On one Sunday each month we bring you a summary from Supreme Advocacy LLP of recent decisions at the Supreme Court of Canada. Supreme Advocacy LLP offers a weekly electronic newsletter, Supreme Advocacy Letter, to which you may subscribe. It’s a summary of all appeals and leaves to appeal granted, so you know what the S.C.C. will soon be dealing with (April 14 – May 11, 2016 inclusive).
Aboriginal Law: Métis & Non-Status Indians
Daniels v. Canada (Indian Affairs and Northern Development), 2016 SCC 12 (35945)
Non-status Indians and Métis are “Indians” under s. 91(24) and can turn to the federal government. Federal jurisdiction over Métis and non-status Indians does not mean all provincial legislation re same is inherently ultra vires.
Criminal Law: Mandatory Minimums
R. v. Lloyd, 2016 SCC 13 (35982)
The one-year mandatory minimum sentence for a controlled substances offence, while permitting constitutional sentences in a broad array of cases, will sometimes mandate sentences violating the constitutional guarantee against cruel and unusual punishment. Where the law requires a one-year sentence, it violates the guarantee against cruel and unusual punishment in s. 12 and is not justified under s. 1.
Criminal Law: Enhanced Credit for Pre-Sentence Custody
R. v. Safarzadeh-Markhali, 2016 SCC 14 (36162)
Removing a sentencing court’s discretion to give any enhanced credit to offenders for pre-sentence custody, if denied bail primarily on the basis of criminal record, violates the right to liberty guaranteed by s. 7, and is not justified under s. 1.
Criminal Law: Wiretaps; Third Party Production Orders
World Bank Group v. Wallace, 2016 SCC 15 (36315)
The World Bank Group posited that documents ordered produced by the trial judge are immune from production, and also not relevant on a “Garofoli application”. The S.C.C. agreed.
Mortgages: Interest Rate
Krayzel Corp. v. Equitable Trust Co., 2016 SCC 18 (36123)
Rate increases triggered by the passage of time alone do not infringe the federal Interest Act. Rate increases triggered by default do.
Real Property: What Runs with the Land
Heritage Capital Corp. v. Equitable Trust Co., 2016 SCC 19 (36301)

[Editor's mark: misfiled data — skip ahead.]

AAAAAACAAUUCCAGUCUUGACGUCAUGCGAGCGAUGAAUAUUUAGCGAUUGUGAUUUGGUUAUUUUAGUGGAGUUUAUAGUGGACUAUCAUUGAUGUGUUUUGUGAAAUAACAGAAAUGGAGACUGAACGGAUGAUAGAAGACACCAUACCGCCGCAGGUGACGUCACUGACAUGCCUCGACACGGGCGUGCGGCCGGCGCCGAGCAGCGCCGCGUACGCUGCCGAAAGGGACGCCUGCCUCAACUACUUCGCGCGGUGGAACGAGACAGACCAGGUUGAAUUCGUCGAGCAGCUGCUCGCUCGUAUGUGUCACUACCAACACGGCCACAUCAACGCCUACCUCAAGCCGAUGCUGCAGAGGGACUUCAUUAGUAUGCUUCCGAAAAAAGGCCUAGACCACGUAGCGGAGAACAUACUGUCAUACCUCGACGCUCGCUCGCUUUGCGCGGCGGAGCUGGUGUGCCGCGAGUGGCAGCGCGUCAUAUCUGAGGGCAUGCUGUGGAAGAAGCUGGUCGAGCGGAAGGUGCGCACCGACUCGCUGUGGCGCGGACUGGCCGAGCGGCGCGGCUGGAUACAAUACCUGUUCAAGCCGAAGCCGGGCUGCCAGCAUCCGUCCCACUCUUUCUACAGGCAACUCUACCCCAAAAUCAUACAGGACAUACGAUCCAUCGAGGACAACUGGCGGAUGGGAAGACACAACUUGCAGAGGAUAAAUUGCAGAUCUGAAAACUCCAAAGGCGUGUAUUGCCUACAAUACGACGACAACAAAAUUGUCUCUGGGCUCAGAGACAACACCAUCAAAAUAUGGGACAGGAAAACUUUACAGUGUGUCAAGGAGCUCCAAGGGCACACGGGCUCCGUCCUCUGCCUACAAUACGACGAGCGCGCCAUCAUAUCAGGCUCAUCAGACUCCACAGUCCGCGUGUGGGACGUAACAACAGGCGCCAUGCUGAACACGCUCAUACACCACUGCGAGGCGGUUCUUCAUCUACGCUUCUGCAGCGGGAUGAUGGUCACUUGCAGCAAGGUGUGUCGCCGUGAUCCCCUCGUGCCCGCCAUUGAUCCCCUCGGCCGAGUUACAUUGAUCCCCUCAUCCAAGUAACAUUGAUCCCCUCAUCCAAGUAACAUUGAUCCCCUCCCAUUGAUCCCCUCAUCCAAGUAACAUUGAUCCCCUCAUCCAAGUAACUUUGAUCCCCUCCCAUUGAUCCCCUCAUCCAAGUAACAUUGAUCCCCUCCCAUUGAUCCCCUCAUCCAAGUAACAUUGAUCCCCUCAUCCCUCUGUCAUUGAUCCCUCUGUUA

An “Incentive Payment” is not an interest in land (and therefore cannot run).
Leaves to Appeal Granted
Charter: Voting Rights
Frank v. Attorney General of Canada, 2015 ONCA 536 (36645)
Can Canadian citizens living and working in the U.S. vote in Canada, when they intend to return to Canada circumstances permitting.
Criminal Law: Bail
Her Majesty the Queen in Right of Canada v. K.A., 2015 ONSC (36783)
There is a publication ban in this case, in the context of an accused not residing within 200km of place of custody.
Criminal Law: Telewarrant Validity
R. v. Clark, 2015 BCCA 488 (36813)
When are telewarrants (here to investigate electricity theft supporting a grow-op) valid.
Immigration: Inadmissibility For “Serious Criminality”
Canada (Public Safety and Emergency Preparedness) v. Tran, 2015 FCA 237 (36784)
When are refugees inadmissible for “serious criminality”.
Criminal Law: Parole
Attorney General of Canada, Parole Board of Canada v. Way, 2015 QCCA 1576 (36746)
Can the mandatory oral hearing held by the Parole Board for reviews following the suspension, termination or revocation of parole or statutory release be constitutionally eliminated.
Contracts in Québec: Renewal Clauses; Injunctions
Uniprix inc. v. Gestion Gosselin et Bérubé inc., 2015 QCCA 1427 (36718)
When can renewal clauses be triggered.
Professions in Québec: Individual or Association Appeal Rights
Attorney General of Quebec v. Guérin, 2015 QCCA 1726 (36775)
Is it the professional individually or the professional association who appeals a professional fee dispute.
Torts: Proving Psychological Injury
Saadati v. Moorhead, 2015 BCCA 393 (36703)
What are the evidentiary options to prove a psychological injury.